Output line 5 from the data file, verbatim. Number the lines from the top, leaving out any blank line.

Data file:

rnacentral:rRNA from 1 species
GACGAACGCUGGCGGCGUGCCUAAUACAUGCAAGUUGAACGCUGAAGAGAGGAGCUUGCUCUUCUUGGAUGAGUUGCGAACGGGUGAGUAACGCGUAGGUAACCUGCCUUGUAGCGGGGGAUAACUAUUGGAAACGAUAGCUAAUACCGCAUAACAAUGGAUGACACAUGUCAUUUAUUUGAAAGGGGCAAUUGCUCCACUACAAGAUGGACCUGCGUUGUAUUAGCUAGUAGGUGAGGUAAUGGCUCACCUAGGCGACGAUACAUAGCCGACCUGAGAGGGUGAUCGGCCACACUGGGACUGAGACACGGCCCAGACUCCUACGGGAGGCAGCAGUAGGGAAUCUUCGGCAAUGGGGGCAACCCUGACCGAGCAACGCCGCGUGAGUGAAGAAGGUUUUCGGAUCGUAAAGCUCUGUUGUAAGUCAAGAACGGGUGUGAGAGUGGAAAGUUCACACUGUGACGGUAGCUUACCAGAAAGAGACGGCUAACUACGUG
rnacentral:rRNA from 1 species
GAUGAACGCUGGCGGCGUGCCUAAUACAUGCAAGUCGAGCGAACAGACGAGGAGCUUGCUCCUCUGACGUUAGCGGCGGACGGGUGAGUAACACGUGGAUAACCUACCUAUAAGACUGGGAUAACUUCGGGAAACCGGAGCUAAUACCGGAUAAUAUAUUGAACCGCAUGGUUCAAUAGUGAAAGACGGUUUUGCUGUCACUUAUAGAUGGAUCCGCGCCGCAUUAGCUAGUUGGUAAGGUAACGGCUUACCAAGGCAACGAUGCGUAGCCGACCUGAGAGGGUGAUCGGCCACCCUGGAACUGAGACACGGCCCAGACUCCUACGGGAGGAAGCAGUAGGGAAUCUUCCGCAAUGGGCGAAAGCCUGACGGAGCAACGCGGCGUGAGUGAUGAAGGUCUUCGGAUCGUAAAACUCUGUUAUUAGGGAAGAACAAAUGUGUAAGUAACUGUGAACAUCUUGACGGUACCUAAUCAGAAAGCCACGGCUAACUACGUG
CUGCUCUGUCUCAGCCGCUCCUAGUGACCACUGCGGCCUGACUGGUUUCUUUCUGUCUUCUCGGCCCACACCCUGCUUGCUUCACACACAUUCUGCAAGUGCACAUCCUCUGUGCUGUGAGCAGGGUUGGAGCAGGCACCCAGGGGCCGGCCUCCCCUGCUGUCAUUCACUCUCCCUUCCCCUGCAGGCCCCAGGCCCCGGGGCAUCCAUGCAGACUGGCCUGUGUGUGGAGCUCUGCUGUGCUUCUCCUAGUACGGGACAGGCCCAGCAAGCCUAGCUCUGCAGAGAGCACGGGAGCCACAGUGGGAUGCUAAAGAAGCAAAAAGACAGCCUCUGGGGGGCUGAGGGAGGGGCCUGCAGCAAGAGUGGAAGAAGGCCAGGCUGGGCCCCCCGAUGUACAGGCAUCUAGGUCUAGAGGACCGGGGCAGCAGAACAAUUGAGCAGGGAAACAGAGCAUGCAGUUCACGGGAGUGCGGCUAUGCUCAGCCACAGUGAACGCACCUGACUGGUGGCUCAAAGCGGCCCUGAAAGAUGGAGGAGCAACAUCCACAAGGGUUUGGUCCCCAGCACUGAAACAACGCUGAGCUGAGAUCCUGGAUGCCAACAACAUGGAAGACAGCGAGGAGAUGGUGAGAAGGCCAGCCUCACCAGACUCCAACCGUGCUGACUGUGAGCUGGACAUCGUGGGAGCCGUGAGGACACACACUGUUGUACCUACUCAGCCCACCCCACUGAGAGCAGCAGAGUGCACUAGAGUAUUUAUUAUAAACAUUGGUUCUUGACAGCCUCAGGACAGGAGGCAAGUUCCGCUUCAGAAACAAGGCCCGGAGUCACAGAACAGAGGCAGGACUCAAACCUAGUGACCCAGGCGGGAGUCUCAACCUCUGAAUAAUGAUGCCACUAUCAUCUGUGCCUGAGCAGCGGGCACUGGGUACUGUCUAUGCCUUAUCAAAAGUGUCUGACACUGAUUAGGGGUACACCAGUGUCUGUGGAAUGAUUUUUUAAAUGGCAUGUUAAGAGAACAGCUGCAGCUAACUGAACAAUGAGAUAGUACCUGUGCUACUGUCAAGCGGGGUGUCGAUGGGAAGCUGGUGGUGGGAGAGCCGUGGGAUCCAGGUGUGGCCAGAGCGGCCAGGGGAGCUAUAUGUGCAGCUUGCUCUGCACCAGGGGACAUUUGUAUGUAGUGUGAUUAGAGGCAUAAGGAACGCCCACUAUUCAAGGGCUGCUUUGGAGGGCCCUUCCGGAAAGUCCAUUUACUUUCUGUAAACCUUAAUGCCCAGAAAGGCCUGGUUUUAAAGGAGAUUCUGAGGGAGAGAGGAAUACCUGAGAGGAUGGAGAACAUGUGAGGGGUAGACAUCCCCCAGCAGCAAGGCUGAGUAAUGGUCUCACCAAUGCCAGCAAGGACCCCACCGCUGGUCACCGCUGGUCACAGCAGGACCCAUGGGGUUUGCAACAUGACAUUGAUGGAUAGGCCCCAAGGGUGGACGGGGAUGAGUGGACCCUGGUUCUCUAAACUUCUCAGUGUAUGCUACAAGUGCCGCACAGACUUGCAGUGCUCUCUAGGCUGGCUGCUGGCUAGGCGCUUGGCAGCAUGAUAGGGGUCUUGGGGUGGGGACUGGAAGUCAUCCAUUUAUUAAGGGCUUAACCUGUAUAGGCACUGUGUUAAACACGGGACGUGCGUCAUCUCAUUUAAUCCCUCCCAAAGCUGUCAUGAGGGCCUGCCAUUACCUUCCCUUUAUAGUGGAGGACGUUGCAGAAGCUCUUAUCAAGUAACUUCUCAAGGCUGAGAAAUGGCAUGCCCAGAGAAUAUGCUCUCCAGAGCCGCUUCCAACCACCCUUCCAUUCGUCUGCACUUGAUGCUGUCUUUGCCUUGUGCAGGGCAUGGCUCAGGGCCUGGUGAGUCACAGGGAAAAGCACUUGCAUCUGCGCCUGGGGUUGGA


CUGCUCUGUCUCAGCCGCUCCUAGUGACCACUGCGGCCUGACUGGUUUCUUUCUGUCUUCUCGGCCCACACCCUGCUUGCUUCACACACAUUCUGCAAGUGCACAUCCUCUGUGCUGUGAGCAGGGUUGGAGCAGGCACCCAGGGGCCGGCCUCCCCUGCUGUCAUUCACUCUCCCUUCCCCUGCAGGCCCCAGGCCCCGGGGCAUCCAUGCAGACUGGCCUGUGUGUGGAGCUCUGCUGUGCUUCUCCUAGUACGGGACAGGCCCAGCAAGCCUAGCUCUGCAGAGAGCACGGGAGCCACAGUGGGAUGCUAAAGAAGCAAAAAGACAGCCUCUGGGGGGCUGAGGGAGGGGCCUGCAGCAAGAGUGGAAGAAGGCCAGGCUGGGCCCCCCGAUGUACAGGCAUCUAGGUCUAGAGGACCGGGGCAGCAGAACAAUUGAGCAGGGAAACAGAGCAUGCAGUUCACGGGAGUGCGGCUAUGCUCAGCCACAGUGAACGCACCUGACUGGUGGCUCAAAGCGGCCCUGAAAGAUGGAGGAGCAACAUCCACAAGGGUUUGGUCCCCAGCACUGAAACAACGCUGAGCUGAGAUCCUGGAUGCCAACAACAUGGAAGACAGCGAGGAGAUGGUGAGAAGGCCAGCCUCACCAGACUCCAACCGUGCUGACUGUGAGCUGGACAUCGUGGGAGCCGUGAGGACACACACUGUUGUACCUACUCAGCCCACCCCACUGAGAGCAGCAGAGUGCACUAGAGUAUUUAUUAUAAACAUUGGUUCUUGACAGCCUCAGGACAGGAGGCAAGUUCCGCUUCAGAAACAAGGCCCGGAGUCACAGAACAGAGGCAGGACUCAAACCUAGUGACCCAGGCGGGAGUCUCAACCUCUGAAUAAUGAUGCCACUAUCAUCUGUGCCUGAGCAGCGGGCACUGGGUACUGUCUAUGCCUUAUCAAAAGUGUCUGACACUGAUUAGGGGUACACCAGUGUCUGUGGAAUGAUUUUUUAAAUGGCAUGUUAAGAGAACAGCUGCAGCUAACUGAACAAUGAGAUAGUACCUGUGCUACUGUCAAGCGGGGUGUCGAUGGGAAGCUGGUGGUGGGAGAGCCGUGGGAUCCAGGUGUGGCCAGAGCGGCCAGGGGAGCUAUAUGUGCAGCUUGCUCUGCACCAGGGGACAUUUGUAUGUAGUGUGAUUAGAGGCAUAAGGAACGCCCACUAUUCAAGGGCUGCUUUGGAGGGCCCUUCCGGAAAGUCCAUUUACUUUCUGUAAACCUUAAUGCCCAGAAAGGCCUGGUUUUAAAGGAGAUUCUGAGGGAGAGAGGAAUACCUGAGAGGAUGGAGAACAUGUGAGGGGUAGACAUCCCCCAGCAGCAAGGCUGAGUAAUGGUCUCACCAAUGCCAGCAAGGACCCCACCGCUGGUCACCGCUGGUCACAGCAGGACCCAUGGGGUUUGCAACAUGACAUUGAUGGAUAGGCCCCAAGGGUGGACGGGGAUGAGUGGACCCUGGUUCUCUAAACUUCUCAGUGUAUGCUACAAGUGCCGCACAGACUUGCAGUGCUCUCUAGGCUGGCUGCUGGCUAGGCGCUUGGCAGCAUGAUAGGGGUCUUGGGGUGGGGACUGGAAGUCAUCCAUUUAUUAAGGGCUUAACCUGUAUAGGCACUGUGUUAAACACGGGACGUGCGUCAUCUCAUUUAAUCCCUCCCAAAGCUGUCAUGAGGGCCUGCCAUUACCUUCCCUUUAUAGUGGAGGACGUUGCAGAAGCUCUUAUCAAGUAACUUCUCAAGGCUGAGAAAUGGCAUGCCCAGAGAAUAUGCUCUCCAGAGCCGCUUCCAACCACCCUUCCAUUCGUCUGCACUUGAUGCUGUCUUUGCCUUGUGCAGGGCAUGGCUCAGGGCCUGGUGAGUCACAGGGAAAAGCACUUGCAUCUGCGCCUGGGGUUGGA